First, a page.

C’est de la bullshit ce que tu racontes.
What you’re saying is bullshit.

When the guy talked about not wanting a bullshitteux to mess up his car, he used the verb botcher. It comes from the English verb “to botch.”

C’est un bullshitteux qui va botcher ton auto.
He’s a “bullshitter” who’s gonna mess up your car.
That guy’s gonna do a shit job and mess up your car.

Words used for “car” in Québec are une auto, un char, une voiture. The most informal of the three is un char.

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Yesterday we looked at three uses of the French verb virer:

  • virer fou
  • virer au vert
  • virer à droite

Tu dois faire quelque chose, sinon tu vas virer folle.
You have to do something, otherwise you’ll go crazy.

Mon pied a viré au vert.
My foot turned green.

J’ai pogné un ticket parce que j’ai viré à droite sur une rouge.
I got stuck with a ticket because I turned right on a red.

But we’re not finished with virer yet because Benoît’s comment yesterday made me realise there are a few more good expressions using virer to learn.

Let’s add these expressions then to your knowledge of virer:

  • virer sur le côté
  • virer sur le top
  • virer une brosse

You see that truck in the image? It’s flipped over on the side. We can say:

Le camion a viré sur le côté.
The truck flipped over on the side.

Another expression that immediately comes to mind now is virer sur le top. If a car had completely flipped over and landed on its roof, we might say:

Le char était complètement viré sur le top.
The car was completely flipped over on the top.

Remember how sur le often sounds in colloquial language? Like sul. It’s an informally contracted form of sur le.

Le camion a viré sul côté.
Le char était viré sul top.

Hmm, wonder how that truck flipped over sur le côté? Let’s hope it had nothing to do with drinking and driving…

A few posts ago we saw that the expression être chaud is one way to describe the state of being drunk. But to get to that state in the first place, you have to virer une brosse:

virer une brosse
to get drunk
to get loaded
to get wasted

After you go and virer une brosse, you become chaud.

J’ai viré une brosse au bar pis j’étais trop chaud pour conduire.
I got drunk at the bar and I was too drunk to drive.

Si t’as assez d’argent pour aller virer une brosse, t’as assez d’argent pour un taxi.
If you’ve got enough money to go out and get drunk, you’ve got enough money for a taxi.

So here’s everything you now know about the verb virer:

virer fou
virer folle
to go crazy

virer au vert
virer au jaune
virer au noir
to turn green
to turn yellow
to turn black

virer à droite
virer à gauche
to turn right
to turn left

virer sur le côté
to flip over on the side

virer sur le top
to flip over on the top

virer une brosse
to get drunk

Hold on, not finished just yet.

The expression virer sur le top has a few more uses than just the one above.

Quand j’ai appris la nouvelle, j’ai complètement viré sur le top.
When I heard the news, I totally flipped out (in anger).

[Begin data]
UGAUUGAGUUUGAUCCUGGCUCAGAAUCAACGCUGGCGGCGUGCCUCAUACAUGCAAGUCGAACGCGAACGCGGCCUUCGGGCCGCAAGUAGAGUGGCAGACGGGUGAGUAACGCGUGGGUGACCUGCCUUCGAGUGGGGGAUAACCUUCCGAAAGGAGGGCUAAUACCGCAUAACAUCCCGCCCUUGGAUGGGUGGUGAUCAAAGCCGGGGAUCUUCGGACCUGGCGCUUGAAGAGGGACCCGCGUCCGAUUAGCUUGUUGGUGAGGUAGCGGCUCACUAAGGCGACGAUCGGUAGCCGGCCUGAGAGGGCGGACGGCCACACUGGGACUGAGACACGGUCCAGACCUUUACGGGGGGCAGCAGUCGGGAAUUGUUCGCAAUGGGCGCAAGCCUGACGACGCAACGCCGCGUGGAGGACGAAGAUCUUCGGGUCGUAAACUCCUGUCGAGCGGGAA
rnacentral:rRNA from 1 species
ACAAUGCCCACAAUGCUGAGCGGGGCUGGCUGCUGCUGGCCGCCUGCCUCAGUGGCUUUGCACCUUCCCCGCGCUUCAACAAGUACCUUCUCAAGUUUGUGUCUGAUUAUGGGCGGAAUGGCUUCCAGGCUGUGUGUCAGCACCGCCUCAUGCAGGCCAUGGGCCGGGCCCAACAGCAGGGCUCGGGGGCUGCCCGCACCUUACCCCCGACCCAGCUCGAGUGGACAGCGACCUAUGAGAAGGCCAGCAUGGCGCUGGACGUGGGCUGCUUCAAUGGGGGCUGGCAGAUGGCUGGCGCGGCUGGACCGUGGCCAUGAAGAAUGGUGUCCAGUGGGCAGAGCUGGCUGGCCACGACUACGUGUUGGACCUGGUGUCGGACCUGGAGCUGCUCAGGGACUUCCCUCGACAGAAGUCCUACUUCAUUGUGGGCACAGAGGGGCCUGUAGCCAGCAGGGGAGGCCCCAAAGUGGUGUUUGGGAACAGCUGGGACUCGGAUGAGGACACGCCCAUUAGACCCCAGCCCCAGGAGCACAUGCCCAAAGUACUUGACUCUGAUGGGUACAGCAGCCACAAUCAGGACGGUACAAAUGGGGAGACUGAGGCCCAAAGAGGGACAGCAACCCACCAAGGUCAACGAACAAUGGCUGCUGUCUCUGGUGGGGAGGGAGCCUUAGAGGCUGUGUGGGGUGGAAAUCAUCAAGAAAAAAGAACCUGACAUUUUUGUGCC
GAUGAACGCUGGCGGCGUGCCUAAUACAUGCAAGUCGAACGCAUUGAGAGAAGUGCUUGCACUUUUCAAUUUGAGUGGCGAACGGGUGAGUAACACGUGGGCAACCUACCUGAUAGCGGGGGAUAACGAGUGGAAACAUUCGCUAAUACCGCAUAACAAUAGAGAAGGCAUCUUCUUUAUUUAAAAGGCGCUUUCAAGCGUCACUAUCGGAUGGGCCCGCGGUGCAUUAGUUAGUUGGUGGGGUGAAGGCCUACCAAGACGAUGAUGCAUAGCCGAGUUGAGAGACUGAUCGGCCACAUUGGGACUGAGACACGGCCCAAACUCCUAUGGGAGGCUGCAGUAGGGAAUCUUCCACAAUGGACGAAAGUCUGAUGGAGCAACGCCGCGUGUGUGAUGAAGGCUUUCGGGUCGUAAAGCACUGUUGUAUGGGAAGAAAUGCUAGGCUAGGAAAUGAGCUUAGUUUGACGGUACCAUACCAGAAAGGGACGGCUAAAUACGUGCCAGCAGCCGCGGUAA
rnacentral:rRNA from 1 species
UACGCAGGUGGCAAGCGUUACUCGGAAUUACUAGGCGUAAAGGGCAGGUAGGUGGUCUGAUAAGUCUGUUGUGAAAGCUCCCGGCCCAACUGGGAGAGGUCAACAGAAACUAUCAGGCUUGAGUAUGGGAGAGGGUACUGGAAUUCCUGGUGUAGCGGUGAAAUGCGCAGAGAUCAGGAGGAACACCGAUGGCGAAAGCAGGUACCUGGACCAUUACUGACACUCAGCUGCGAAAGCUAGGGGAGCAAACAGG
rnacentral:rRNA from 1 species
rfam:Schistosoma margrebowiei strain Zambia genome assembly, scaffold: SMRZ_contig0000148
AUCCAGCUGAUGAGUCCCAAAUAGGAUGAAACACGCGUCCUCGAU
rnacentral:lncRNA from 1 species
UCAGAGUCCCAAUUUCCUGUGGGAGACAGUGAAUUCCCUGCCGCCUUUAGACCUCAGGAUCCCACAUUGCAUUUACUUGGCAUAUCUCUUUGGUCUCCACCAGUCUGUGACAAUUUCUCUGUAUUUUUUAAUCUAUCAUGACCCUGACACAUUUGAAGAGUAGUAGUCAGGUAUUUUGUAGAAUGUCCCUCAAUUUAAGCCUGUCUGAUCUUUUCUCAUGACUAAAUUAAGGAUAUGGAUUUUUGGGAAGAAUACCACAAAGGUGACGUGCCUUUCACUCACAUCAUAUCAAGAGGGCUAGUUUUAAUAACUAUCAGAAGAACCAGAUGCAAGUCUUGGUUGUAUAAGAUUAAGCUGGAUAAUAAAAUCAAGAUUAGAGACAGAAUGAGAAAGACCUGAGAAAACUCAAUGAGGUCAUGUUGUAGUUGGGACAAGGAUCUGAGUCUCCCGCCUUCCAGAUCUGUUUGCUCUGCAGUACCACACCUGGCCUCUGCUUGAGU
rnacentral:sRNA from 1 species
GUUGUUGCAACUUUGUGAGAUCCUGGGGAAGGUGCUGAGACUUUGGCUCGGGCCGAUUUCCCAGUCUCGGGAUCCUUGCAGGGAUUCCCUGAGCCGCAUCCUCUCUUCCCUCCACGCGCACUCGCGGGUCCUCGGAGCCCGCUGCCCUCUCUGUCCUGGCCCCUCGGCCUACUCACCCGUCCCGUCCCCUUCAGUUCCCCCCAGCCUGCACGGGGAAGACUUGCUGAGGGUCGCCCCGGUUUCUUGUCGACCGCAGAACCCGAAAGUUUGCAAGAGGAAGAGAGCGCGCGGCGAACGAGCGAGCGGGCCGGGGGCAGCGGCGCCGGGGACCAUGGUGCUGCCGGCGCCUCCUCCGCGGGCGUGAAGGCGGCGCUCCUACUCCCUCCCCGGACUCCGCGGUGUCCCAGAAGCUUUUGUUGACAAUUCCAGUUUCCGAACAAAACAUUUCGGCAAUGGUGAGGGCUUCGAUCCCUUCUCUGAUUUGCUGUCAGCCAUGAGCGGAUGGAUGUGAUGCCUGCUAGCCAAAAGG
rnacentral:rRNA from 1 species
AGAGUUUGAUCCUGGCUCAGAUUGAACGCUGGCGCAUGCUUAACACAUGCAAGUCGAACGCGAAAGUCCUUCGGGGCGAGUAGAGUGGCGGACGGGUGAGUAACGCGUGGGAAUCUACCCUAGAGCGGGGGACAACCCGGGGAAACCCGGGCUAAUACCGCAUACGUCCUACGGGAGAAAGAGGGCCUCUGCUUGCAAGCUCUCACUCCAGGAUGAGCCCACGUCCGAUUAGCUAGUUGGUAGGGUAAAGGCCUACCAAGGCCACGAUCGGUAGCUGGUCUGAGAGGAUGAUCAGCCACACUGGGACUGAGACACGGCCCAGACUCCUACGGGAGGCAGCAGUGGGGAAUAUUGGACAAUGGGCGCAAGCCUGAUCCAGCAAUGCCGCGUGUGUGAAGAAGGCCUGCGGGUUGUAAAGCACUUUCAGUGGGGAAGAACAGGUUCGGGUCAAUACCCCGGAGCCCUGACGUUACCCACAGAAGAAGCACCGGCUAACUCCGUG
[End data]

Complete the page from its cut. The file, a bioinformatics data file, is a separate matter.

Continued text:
Je vire sur le top pour un sac de chips.
I always go crazy for a bag of chips (because I like chips so much).

Faut être viré sur le top pour faire ça.
Ya gotta be totally crazy to do that.

So virer sur le top means to flip upsidedown, both literally and as an emotion.

Oh, just one more thing…

Virer une brosse can also be said as prendre une brosse.

That’s it!

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A char de marde has nothing to do with Arctic char.

It’s the truth; a “char de marde” has nothing to do with Arctic char.

During your ventures into Québécois French, it’s only a matter time before you hear one francophone tell another to go eat un char de marde.

Now, if you had heard this when you were new to French and the way it’s spoken in Québec, perhaps you’d have thought that un char de marde was a strange way of pronouncing un char de mer and ended up thinking it was some sort of culinary delight, like Arctic char.

But I’ll bet you’re a little wiser now and realise that the char in question here tastes less like fish and a whole lot more like shit.

That’s because un char de marde is just that — a load of shit. And although it’s no culinary delight, this doesn’t stop the Québécois from encouraging one another to eat it.

Mange don un char de marde.
Eat a load of shit.

In other words, fuck off. 😀

You might even hear the expression used between friends, perhaps in a toned-down version. For example, if Friend A were teasing Friend B, Friend B could tell Friend A to take a hike by saying this in a playful tone:

Mange don un char!
Eat a load!

It’s understood that the load to be eaten is one of shit.

Of course, instead of mange don un char de marde, one could also simply say mange don d’la marde in a moment of anger, but it’s just not as fun, admit it.

The don in these examples should really be spelled donc, but I use don to remind you to not pronounce the c here.

You’ll also frequently hear this expression used with the verb aller:

Va don manger un char de marde.
Go eat a load of shit.

Je vous invite à aller manger un char de marde. Bon appétit.
I invite you to go eat a load of shit. Bon appétit.

Tu peux ben aller manger un char de marde.
You can just go eat a load of shit.

La prochaine fois qu’il t’appelle, dis-lui d’aller manger un char de marde.
The next time he calls you, tell him to go eat a load of shit.

Instead of just telling someone to go eat un char de marde, perhaps you’re feeling generous and would prefer to actually offer one to somebody? How sweet of you. The expression donner un char de marde à quelqu’un means exactly what it sounds like: to give someone shit (as in to yell at that person, to lecture them, to chew them out).

Le policier m’a donné un char de marde.
The policeman gave me shit.

Je vais l’appeler ce soir pour lui donner un char de marde.
I’m going to call him this evening to give him shit.

Mon ex vient de me donner un char de marde.
My ex just gave me shit.

Le garage était fermé, donc j’ai pas pu aller leur donner un char de marde.
The garage was closed, so I couldn’t go give them shit.

Je vais aller demain donner un char de marde au gérant.
I’m going to go tomorrow to give the manager shit.